He was an officer in the United States Air Force, served in the Pacific during WWII attaining the rank of Captain. He was awarded a Presidential Unit Citation, the U.S. Air Medal, the Oak Leaf and Cluster and the Bronze Star. Following the war he attended UBC earning a degree in Physics in 1948. He rejoined the United States Air Force and attended the Oak Ridge School of Reactor Technology, studying nuclear physics. He worked on the NERVA Project, a nuclear rocket development effort and rose to the rank of Major.

Paul was appointed a lecturer and administrator in Physics at UBC and remained there until retirement in 1983.

Two Women’s Contributions to Measuring Distances

Today is an appropriate day to celebrate the significant discoveries of Henrietta Swan Leavitt and Sandra Faber in measuring distances in the Universe as Feb 11th is recognized by the United Nations as its International Day of Women and Girls in Science.

Many amateur astronomers know of the significance of Henrietta Swan Leavitt’s discovery of the period-luminosity relationship in Cepheid Variable stars; the longer the period of a Cepheid, the more luminous it is. Edwin Hubble used this relationship with his observations of Cepheid Variable stars in the Andromeda Galaxy (M31) to estimate that the Andromeda Galaxy lies at a distance of 1.5 million light-years; thus resolving the Great Debate with Harlow Shapley conceding that spiral “nebulae” (what we now call galaxies) are located outside our milky way.

Plot prepared by Leavitt in 1912. Period on the x-axis and brightness on the y- axis for 25 Cepheids in the Small Magellanic Cloud (SMC). The relation also holds for luminosity because all stars in the SMC are at about the same distance from Earth.


The luminosity of a star is the total amount of light it emits from its surface. On the other hand, how bright a star appears depends on its luminosity and its distance from the observer because the light spreads out over a greater surface area, in accordance with the inverse square law.


Leavitt’s work was critical because once the luminosity is known, the brightness  from Earth can be measured and the distance estimated from the inverse square law.

Image Credit: Australian Telescope National Facility – CSIRO

Later in the 1970s, Sandra Faber found another luminosity relationship. Faber was following up on some of her thesis work that looked at absorption lines — those of calcium, sodium, or magnesium in the visible portion of a galaxy’s spectrum — when she spotted some evidence this relationship.

“Well, as I was taking the data, I could not help but notice that the more luminous galaxies had broader lines.” 

Sandra Faber interview in 2019

Further data analysis revealed a pretty good empirical relation between the luminosity and the velocity dispersion of stars near the centre of elliptical galaxies. This relationship became known as the Faber-Jackson relation after the work was published in a paper authored by Faber and Robert Jackson, her research assistant at the time. For any visible elliptical galaxy, the velocity dispersion can be measured from the width of the absorption lines and its luminosity estimated using the Faber-Jackson relation. The distance to the galaxy can then be calculated using the inverse-square law applied to its luminosity and its observed brightness from Earth.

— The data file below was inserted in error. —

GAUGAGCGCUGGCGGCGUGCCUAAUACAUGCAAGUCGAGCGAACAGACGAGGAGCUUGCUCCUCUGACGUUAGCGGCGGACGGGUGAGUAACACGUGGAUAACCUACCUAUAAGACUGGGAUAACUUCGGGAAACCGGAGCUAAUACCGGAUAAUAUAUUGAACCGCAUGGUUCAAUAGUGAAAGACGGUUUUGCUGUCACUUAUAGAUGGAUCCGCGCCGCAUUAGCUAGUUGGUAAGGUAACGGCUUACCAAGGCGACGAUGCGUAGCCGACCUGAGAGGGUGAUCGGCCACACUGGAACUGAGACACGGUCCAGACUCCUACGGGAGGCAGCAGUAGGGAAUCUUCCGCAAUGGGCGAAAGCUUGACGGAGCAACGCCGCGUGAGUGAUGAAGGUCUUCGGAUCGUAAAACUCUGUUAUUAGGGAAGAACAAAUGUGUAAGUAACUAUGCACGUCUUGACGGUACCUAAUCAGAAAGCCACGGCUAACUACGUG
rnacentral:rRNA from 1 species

Velocity dispersion (y-axis) plotted against absolute magnitude (x-axis) for a sample of elliptical galaxies, with the Faber–Jackson relation shown in blue. Image Credit: Wikipedia

Faber refined these methods as the head of a group, known as the Seven Samurai, on a project to measure distances and velocities of a sample of elliptical galaxies. The project failed to validate its original hypotheses on more accurate versions of the Faber-Jackson relationship but it did establish distances to 400 galaxies. Using these distances, they made a map of ellipticals around us and noticed that the recessional speeds were not exactly as predicted from a simple uniform Hubble law (due to the expansion of the Universe). Faber recalled, David Burnstein, one of he seven samurai remarking

“Look at this. There’s a whole region in Centaurus, and it’s moving at 1000 kilometres a second”

Dave Burstein remark, recollection by Faber in 2019,

Instead, large patches of the Universe were moving away from us too quickly or too slowly! This work culminated at a small meeting of cosmological experts in Hawaii in January 1986. The samurai sliced up the standard theories of the time, by announcing that the universe was expanding lopsidedly. A vast region of space 500 million light-years in diameter, containing hundreds of thousands of galaxies, was being drawn toward a huge concentration of mass later dubbed the Great Attractor. One attendee at the meeting said “In 20 years of science reporting, I have never seen such pandemonium at a scientific meeting”.

Faber has done significant research in other areas and has been recognized with numerous awards. Earlier this year in Jan 2020, the Royal Astronomical Society awarded her its Gold Medal in Astronomy. The award recognizes Faber “for her outstanding research on the formation, structure and evolution of galaxies, and for her contributions to the optical design of the Keck Telescopes and other novel astronomical instruments.”